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Spain draft law targets 1,4 MW wind energy/yr to 2020  

Credit:  Reuters, www.reuters.com 22 September 2011 ~~

The Spanish government has set an annual target for installed wind energy of 1,400 megawatts between 2013 and 2020, according to draft regulation the Industry Ministry sent to the energy sector watchdog CNE.

In the draft, to which Reuters gained access on Thursday, the ministry says the aim is to install 11,200 MW in the period to ensure that there are 35,000 MW operating in 2020.

The additional cost to the electricity system will be around 800 million euros over the 8-year period, according to the ministry’s calculations.

“This does not take into account the reduction in pool prices due to the introduction of this technology,” the ministry said, adding that the shortfall will be funded by electricity tariffs and will not come out of Spain’s annual budget.

The draft regulation also includes changes to the remuneration system for wind power facilities. The installations will sell their energy at pool prices and will also receive a premium, but only in the event that the premium and the pool price combined falls within a minimum and maximum limit.

For 2013, the ministry has established in the draft regulation a 20 euros/MW premium, with a maximum of 80 euros/MW and minimum of 55 euros/MW.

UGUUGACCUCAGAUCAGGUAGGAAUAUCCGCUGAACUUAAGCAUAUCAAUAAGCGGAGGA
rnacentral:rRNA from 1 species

The new regulation establishes an annual cap of 1,500 working hours to obtain the premium, but cuts to a maximum of 12 years the period during which facilities are eligible for the premium.

“Wind energy technology has reached a level of maturity which will allow it to compete with conventional technologies in the market in a very short time,” the draft said.

The wind energy sector association AEE said in a statement that thousands of jobs will be be lost if the new regulation is implemented.

But an Industry Ministry source said the new regulation “provides a stable system for the long term.”

(Reporting By Andres Gonzalez; Writing by Judy MacInnes; Editing by Richard Chang)

Source:  Reuters, www.reuters.com 22 September 2011

This article is the work of the source indicated. Any opinions expressed in it are not necessarily those of National Wind Watch.

The copyright of this article resides with the author or publisher indicated. As part of its noncommercial effort to present the environmental, social, scientific, and economic issues of large-scale wind power development to a global audience seeking such information, National Wind Watch endeavors to observe “fair use” as provided for in section 107 of U.S. Copyright Law and similar “fair dealing” provisions of the copyright laws of other nations. Send requests to excerpt, general inquiries, and comments via e-mail.

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